You should've heard that cellist scream

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August 15, 2007|By LAURA VOZZELLA

Gita Ladd, principal cellist for the Baltimore Opera Company, got her first rave review at the age of 4, then went on to win Grammys with the Baltimore Symphony Orchestra and perform with Yo-Yo Ma. Now she really has arrived, having been crowned rowdiest fan at the Tioga County Fair Demolition Derby.

Ladd bagged the award Friday up near Wellsboro, Pa., where she was appearing in the Endless Mountain Music Festival. Ladd had a day off, so she and a group of about a dozen fellow musicians decided to take in their first derby.

The classical musicians were instantly taken by the crashing cars.

"One of the drivers was very operatic," Ladd said. She praised his "very demonstrative" antics, such as standing up through his empty windshield, with ramming cars all around, to argue with officials, who eventually ejected him.

Ladd had some antics of her own, which helped her stand out from the crowd. They included a high-pitched call that she inherited from her mother, a coloratura soprano. She also led chants for the ejected driver - "Sharp Tooth! Sharp Tooth!" - which led officials to make to a highly unusual U-turn of their own: Sharp Tooth was returned to the action.

"We actually chanted an eliminated driver back into the derby," Ladd said.

Steve Manciocchi of Total Destruction Demo Productions said he had no trouble picking the best fan.

"Among 1,700 people, she stuck out as my crazy fan of the evening," he said. "She was just on her feet the whole time, screaming and jumping up and down and waving her hat."

Ladd won $40 in cash and a trophy, a foot and a half tall, with wings and a steering wheel on top. She returned to the concert stage Saturday, with the trophy at her feet.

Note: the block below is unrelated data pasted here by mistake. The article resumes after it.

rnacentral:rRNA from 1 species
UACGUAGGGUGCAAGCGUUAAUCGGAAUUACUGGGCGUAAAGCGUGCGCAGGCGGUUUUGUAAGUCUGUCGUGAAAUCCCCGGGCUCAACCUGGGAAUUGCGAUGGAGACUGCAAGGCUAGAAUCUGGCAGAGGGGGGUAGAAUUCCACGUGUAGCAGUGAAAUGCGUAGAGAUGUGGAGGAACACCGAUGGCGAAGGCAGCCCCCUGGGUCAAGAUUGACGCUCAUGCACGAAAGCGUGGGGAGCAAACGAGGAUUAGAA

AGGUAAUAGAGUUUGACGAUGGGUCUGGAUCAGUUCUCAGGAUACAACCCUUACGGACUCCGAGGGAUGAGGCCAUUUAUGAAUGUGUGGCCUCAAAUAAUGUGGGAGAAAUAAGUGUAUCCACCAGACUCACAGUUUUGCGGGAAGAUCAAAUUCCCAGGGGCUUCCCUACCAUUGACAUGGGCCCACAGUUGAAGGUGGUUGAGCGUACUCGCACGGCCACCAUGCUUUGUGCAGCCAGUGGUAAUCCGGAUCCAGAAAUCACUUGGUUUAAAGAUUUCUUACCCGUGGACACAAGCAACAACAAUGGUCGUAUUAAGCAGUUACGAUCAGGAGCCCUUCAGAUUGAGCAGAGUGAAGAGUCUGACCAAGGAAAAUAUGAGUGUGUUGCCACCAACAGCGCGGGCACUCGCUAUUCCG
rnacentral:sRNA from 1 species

Governing from behind the wheel

Andrey Bundley rolled out his new recreational vehicle the other day, and not because he's decided to ditch the mayor's race and go camping.

The RV is his "Prototype Mobile Mayor's Office." If Bundley becomes mayor, he said, he would use it to take City Hall to the people.

"I want to govern from the neighborhoods," he said.

Of course, he'll have to win the election before he can do that. So for now, the leased RV is being used for Bundley's campaign - one part transportation, one part rolling billboard, with Bundley's smiling face shrink-wrapped around the outside.

How much is the RV costing the campaign? (The lease, the shrink-wrap and, Lord knows, the gas can't come cheap.)

Bundley isn't saying yet. "It'll be in the campaign report."

The example O'Malley was looking for?

While endorsing Sheila Dixon for mayor the other day, Gov. Martin O'Malley said those four little words that send shivers down the spines of political handlers everywhere: "Straying from prepared remarks."

From there, O'Malley launched into an aside about slavery and the country's painful racial history. "Not once," he said, had Dixon "ever taken advantage of historic divisions for her own political gain."

What about Dixon's "the shoe is on the other foot" rant? (Back in 1991, during a racially charged debate about redistricting, Dixon uttered those words and waved her shoe at a white City Council colleague, one alleged to have used a racial slur.)

You can argue the shoe bit is ancient history and deserves to be forgotten. You also can argue that Dixon didn't exactly gain from that move.

But should the governor - even one who, as the white mayor of a majority black city, enjoyed Dixon's support - really hold her up as a leading example of colorblind politics?

This much is clear: You can't blame the speechwriters.

Connect the dots

Minutes before Mayor Dixon got the governor's endorsement, Northwestern High School cheerleaders presented the mayor with one of their midriff-baring blue-and-white uniforms. Cheerleading coach Lynnette Singleton said Dixon was on the Wildcats squad when she was a Northwestern student - back before shirts called it quits way above the navel. Singleton made sure the uniform would fit Dixon just in case the mayor, a fitness buff known to wear a bikini, wanted to wear it. "They said, `Watch out, because she might actually put the uniform on,'" Singleton said. "They told me she wears a 6, so we got her a small." ... Since she's taken over from Governor O'Malley, Dixon says, she's made Baltimore cleaner, greener - and better-looking. After accepting the governor's nod, she told the crowd, "I hear now you got the best-looking mayor that you've ever had."

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